Data from the National Survey of Family Growth, an annual survey conducted by the Centers for Disease Control and Prevention, suggests that 1 in 16 women consider rape their first sexual encounter. That’s an estimated 3.3 million women across the United States.
The average age of assault victims was 15, and the average age of their assailants was 27. This suggests a recurring abuse of power-dynamics; older men are grooming young women into sexual submission. It gets scarier. Approximately 26 percent of victims said they were physically threatened during the encounter, and 46 percent said they were physically held down.
What’s worse is that researchers believe this is only the tip of the iceberg. Only women ages 18 to 44 were surveyed, meaning that older victims of sexual violence are not included in this data. This data was also collected before the popularization of the #MeToo movement, so it’s likely that the stigma against victims of sexual violence would have discouraged honesty.
“I do believe that this is an issue that urgently needs to be addressed,” says Dr. Laura Hawks, the main author of the study. “Because every week, thousands of women are experiencing rape as their first sexual experience.”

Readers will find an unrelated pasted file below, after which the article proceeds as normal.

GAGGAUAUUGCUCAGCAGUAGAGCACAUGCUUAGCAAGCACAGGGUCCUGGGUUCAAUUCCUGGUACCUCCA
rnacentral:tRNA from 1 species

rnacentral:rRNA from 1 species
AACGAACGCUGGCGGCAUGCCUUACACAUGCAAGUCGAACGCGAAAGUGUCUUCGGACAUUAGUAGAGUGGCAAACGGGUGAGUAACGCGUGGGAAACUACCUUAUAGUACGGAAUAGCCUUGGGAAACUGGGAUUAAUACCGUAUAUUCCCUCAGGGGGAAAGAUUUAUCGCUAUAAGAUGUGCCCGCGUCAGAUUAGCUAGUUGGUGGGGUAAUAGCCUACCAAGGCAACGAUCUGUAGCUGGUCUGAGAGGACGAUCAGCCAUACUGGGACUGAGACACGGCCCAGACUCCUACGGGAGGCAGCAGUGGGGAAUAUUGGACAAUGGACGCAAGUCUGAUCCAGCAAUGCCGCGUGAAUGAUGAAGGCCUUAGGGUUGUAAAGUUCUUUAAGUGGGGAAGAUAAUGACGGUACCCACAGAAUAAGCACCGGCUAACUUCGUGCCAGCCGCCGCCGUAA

Since the sexual misconduct allegations against film producer Harvey Winstein broke in 2017, sparking the culture-changing #MeToo movement, more awareness has been raised about the epidemic of sexual violence against women than ever before.
Even though it has been two years since #MeToo became a global phenomenon, we are now seeing significant backlash towards this movement. Many of its critics have called the #MeToo movement a “witch hunt,” claiming that men are being unjustly prosecuted for crimes that cannot be proven, while others are simply skeptical of the movement’s relevance in 2019. However, this study proves that the epidemic of sexual assault and harassment is still a major concern.